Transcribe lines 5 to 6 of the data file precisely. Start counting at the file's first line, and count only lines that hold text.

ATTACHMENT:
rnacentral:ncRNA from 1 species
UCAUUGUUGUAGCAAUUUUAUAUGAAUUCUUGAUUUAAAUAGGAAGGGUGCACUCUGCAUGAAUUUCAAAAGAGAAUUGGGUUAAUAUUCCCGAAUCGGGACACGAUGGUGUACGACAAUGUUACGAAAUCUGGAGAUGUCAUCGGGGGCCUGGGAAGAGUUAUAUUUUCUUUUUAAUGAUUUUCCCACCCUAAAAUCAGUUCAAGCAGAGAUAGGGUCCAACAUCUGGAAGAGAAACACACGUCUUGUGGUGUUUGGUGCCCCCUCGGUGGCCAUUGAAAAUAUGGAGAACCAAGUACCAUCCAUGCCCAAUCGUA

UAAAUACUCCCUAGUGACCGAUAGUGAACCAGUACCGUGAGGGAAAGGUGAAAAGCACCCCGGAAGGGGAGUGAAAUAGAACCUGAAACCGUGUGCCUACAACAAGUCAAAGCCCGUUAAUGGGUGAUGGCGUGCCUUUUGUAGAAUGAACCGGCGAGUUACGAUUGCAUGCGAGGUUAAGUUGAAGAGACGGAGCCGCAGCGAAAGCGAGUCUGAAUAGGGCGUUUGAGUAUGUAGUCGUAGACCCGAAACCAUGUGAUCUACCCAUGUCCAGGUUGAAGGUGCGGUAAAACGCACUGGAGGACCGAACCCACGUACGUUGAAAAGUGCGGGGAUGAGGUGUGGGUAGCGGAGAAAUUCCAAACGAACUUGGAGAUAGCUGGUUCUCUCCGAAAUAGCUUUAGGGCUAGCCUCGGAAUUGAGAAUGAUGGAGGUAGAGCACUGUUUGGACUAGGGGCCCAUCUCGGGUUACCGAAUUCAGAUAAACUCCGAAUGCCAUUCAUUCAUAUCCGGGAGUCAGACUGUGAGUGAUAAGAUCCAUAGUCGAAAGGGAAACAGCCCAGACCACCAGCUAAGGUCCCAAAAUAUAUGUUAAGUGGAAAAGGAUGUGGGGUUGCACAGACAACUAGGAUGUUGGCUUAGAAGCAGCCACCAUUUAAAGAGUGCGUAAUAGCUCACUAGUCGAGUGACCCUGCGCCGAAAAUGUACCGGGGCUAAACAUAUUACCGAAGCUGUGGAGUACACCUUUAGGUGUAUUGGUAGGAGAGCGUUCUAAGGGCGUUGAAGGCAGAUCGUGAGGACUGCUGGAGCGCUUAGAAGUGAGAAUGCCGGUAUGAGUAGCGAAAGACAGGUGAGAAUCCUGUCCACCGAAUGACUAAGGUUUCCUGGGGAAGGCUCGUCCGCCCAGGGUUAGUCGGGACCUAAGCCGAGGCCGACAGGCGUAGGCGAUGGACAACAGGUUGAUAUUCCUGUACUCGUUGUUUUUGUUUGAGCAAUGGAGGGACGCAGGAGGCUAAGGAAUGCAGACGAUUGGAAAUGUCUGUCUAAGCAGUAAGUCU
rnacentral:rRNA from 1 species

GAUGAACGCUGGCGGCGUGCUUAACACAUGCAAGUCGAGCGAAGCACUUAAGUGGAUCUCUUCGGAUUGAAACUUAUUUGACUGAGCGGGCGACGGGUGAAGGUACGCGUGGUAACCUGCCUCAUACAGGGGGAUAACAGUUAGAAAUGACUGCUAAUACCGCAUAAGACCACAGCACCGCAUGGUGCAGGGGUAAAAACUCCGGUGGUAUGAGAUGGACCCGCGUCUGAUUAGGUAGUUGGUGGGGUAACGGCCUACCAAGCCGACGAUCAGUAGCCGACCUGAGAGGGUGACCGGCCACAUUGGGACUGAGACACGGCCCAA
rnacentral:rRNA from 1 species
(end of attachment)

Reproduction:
GAUGAACGCUGGCGGCGUGCUUAACACAUGCAAGUCGAGCGAAGCACUUAAGUGGAUCUCUUCGGAUUGAAACUUAUUUGACUGAGCGGGCGACGGGUGAAGGUACGCGUGGUAACCUGCCUCAUACAGGGGGAUAACAGUUAGAAAUGACUGCUAAUACCGCAUAAGACCACAGCACCGCAUGGUGCAGGGGUAAAAACUCCGGUGGUAUGAGAUGGACCCGCGUCUGAUUAGGUAGUUGGUGGGGUAACGGCCUACCAAGCCGACGAUCAGUAGCCGACCUGAGAGGGUGACCGGCCACAUUGGGACUGAGACACGGCCCAA
rnacentral:rRNA from 1 species